A Call for the Return of Therapeutic Relationships

As I approach becoming an ‘older adult’, I’m increasingly worried. Although I am healthy and do not foresee needing acute care, home care, or long term care services in the near future, I do realize that needing these services will likely come sooner than I would like. This frightens me because of what my home care research is revealing – the lack of safe, quality supportive care for older adults, especially for those residing in rural areas. There is inconsistency in home care providers which makes it difficult for both the clients and their family caregivers as introductions and instructions are needed to be repeated at each visit.  There is also an emphasis on providing a service/task within a certain number of minutes (Forbes et al., 2012, 2008). These conditions do not contribute to the building of trusting therapeutic relationships which promote the sharing of knowledge based on research evidence, clinical experiences, client and family experiences, and preferences between the home care provider, the client, and family caregiver.

When my mother, who had severe dementia, was hospitalized with a fractured spine, she was left to tell the nursing staff when she needed “a pill for her pain”. Needless to say, she never received her pain mediation until I realized that the PRN order needed to be given routinely. When has nursing care become so task focused that getting to know the person in the bed and their capabilities are not a priority? There is something terribly wrong with a system and a management that places such pressure on nurses to focus exclusively on tasks that they do not have the time or desire to develop therapeutic relationships with those for whom they care. As a result, nurses are not fulfilling their full scope of practice (Fry, 2013).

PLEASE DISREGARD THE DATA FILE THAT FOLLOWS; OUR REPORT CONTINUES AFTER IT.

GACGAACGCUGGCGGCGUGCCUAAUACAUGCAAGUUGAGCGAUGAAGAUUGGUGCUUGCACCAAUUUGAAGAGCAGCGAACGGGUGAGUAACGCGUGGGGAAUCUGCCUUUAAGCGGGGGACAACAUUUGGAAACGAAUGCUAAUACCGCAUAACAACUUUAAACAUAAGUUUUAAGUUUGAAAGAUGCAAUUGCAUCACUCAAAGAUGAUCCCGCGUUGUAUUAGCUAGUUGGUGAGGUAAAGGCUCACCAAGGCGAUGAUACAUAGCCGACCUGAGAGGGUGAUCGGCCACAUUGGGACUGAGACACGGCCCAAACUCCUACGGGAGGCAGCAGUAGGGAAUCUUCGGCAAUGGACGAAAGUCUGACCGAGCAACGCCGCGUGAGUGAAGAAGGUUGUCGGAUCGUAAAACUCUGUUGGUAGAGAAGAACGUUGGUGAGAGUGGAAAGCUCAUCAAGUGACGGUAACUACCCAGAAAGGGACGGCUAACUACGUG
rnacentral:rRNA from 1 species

The focus of a therapeutic relationship should be ‘person-centred care’ which is different than patient-centred care. Patient-centred care focuses on the disease, illness or injury.  Person-centred care focuses on getting to know the person behind the presentation of symptoms. This will require consistency of care providers, exploring with the person his/her perceptions of their illness, showing compassion and sharing evidence about the condition so that together new ways of managing or relieving their symptoms and healthy living can be explored.  “Nurses should be the leaders in the care of older adults. It is an opportunity to demonstrate what we are capable of. High-quality care requires so much of what is fundamental to nursing” (Pringle, 2009, p. 4).  When nurses cannot or choose not to function to the full extent of their scopes of practice, which includes developing therapeutic relationships, they will be replaced by less qualified personnel (Fry, 2013). Developing therapeutic relationships with our patients, clients, and their families ensures that the ‘care’ is present in our nursing care.


Forbes, D., Finkelstein, S., Blake, C., Gibson, M., Morgan, D.G., Markle-Reid, M., Culum, I., & Thiessen, E.J. (2012). Knowledge exchange throughout the dementia care journey by rural community-based health care practitioners, persons with dementia, and their care partners: A qualitative interpretive descriptive study. Journal of Rural and Remote Health, 12, 2201.   http://www.rrh.org.au

Forbes, D., Markle-Reid, M., Hawranik, P., Peacock, S., Kingston, D., Morgan, D., Henderson, S. Leipert, B., & Jansen, L. (2008). Availability and acceptability of Canadian home and community-based services: Perspectives of family caregivers of persons with dementia. Home Health Care Services Quarterly, 27(2), 75-99.

 Fry, B. (2013). Straight talk: Why we need to do better. Canadian Nurse, 109(1), 32-32.

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